Though the midsection and lower body are two of the biggest problem areas for people wanting to slim down, the upper body can pose a challenge in terms of weight loss as well. The arms and upper part of the torso can also hold excess weight, but doing a mix of upper-body toning exercises can help you target these areas. Additionally, regular cardio activity and healthy food choices can play a role in your upper-body weight-loss plan.
Arm-slimming exercises that target your biceps and triceps can be done using only your own body weight as resistance. Effective body-weight exercises include pushups, planks and chair dips. Try one to three sets of five pushups, and if the traditional pushup is too much of a challenge, use a stability ball to support your lower half. You can also try 30 to 60 seconds of planks, which are essentially pushups without the up-and-down movement. These can be done with either your hands or forearms on the floor for support. Chair dips will also tone your arms for a slimmer look; do these by sitting on the edge of a chair with your hands gripping the front of the seat on either side of your legs. Slide forward off the chair and lower your hips toward the floor, bending your elbows and feeling the workout in your triceps. Raise your hips and repeat for eight repetitions. Perform upper-body strength training two to three times per week, taking a day off between routines, to allow your muscles to rest.
Fitness equipment, such as weight machines, free weights, barbells, resistance bands and stability balls, are also highly effective in helping you slim your upper body. You can try reverse flys with a resistance band, which will work your deltoids in your upper back, along with your triceps. Grasp the ends of the band or cable with your arms in front of you at shoulder height, then spread them wide apart to your sides. Use a dumbbell to do biceps curls, where you bring the weight toward your body to work the biceps. With a curl, hold the weight in front of you at hip height and raise it toward your chest. Resistance bands can be used for a variety of upper-body exercises, including a triceps push-down. Loop the band over something sturdy overhead, such as a tree branch, so the ends of the band hang vertically in front of you. Grasp them in each hand with your palms down, then push the bands down as far as you can.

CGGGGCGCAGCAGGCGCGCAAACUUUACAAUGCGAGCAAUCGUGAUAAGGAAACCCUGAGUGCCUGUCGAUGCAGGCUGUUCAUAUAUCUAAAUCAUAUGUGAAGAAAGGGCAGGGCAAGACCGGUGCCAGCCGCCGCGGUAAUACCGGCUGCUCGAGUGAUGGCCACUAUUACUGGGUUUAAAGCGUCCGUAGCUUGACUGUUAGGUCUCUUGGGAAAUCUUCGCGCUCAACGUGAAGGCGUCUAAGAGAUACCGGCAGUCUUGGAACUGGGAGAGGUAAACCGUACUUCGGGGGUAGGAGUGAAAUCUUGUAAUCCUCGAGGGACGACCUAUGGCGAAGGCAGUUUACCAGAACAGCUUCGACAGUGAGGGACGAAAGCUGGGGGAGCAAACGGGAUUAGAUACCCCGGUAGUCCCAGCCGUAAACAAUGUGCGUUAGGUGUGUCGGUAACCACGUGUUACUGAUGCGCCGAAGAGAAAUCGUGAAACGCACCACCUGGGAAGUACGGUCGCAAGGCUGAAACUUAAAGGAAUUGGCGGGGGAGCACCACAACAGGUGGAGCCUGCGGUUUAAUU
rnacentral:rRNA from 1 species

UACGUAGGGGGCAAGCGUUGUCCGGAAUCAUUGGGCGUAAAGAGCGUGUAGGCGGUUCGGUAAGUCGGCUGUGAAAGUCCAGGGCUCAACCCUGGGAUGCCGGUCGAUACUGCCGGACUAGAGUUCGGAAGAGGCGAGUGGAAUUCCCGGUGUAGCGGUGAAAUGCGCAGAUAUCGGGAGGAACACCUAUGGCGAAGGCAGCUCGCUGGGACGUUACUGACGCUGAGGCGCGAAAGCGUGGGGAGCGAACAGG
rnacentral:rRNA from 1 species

Doing some type of cardio activity a few times a week is another way to boost your upper-body slim down. The Centers for Disease Control and Prevention recommends two and half hours -- 150 minutes -- of moderate-intensity cardio per week to burn calories and help decrease excess fat and weight. Activities such as brisk walking, jogging or cycling will also help with an overall slim down, but if you want to target your upper body in particular, choose something that works those muscle groups. Swimming, tennis, water aerobics, boxing and rowing are all effective workouts for the arms and shoulders. You could also try activities like jumping rope or using an elliptical trainer with arm levers.
Strength training and cardio exercise make up two important parts of a plan to slim your upper body, but these aren’t the only areas to consider. Flexibility is another key area of any workout plan, and doing activities to maintain this can also contribute to a leaner look. Yoga, for instance, will gently work your body and increase your flexibility while enhancing lean muscle mass. Diet also plays a major role in any plan to reduce weight, and making good nutritional choices can go a long way in helping you achieve a strong, slim upper body.
- Fitness: Top 10 Arm Moves
- ExRx.net: Cable Reverse Fly
- American Council on Exercise: Dumbbell Preacher Curl
- American Council on Exercise: Triceps Pushdown
- MayoClinic.com: Exercise for Weight Loss: Calories Burned in 1 Hour
- Fitness: 6 Stretches for a Lean, Limber Body
- Centers for Disease Control and Prevention: How Much Physical Activity Do You Need?
Suzy Kerr graduated from Grady School of Journalism and Mass Communications at the University of Georgia. She completed her Master's degree in Nutrition Sciences, also at the University of Georgia. Suzy has been a successful health, fitness and nutrition writer for more than 10 years, and has been published in various print and online publications.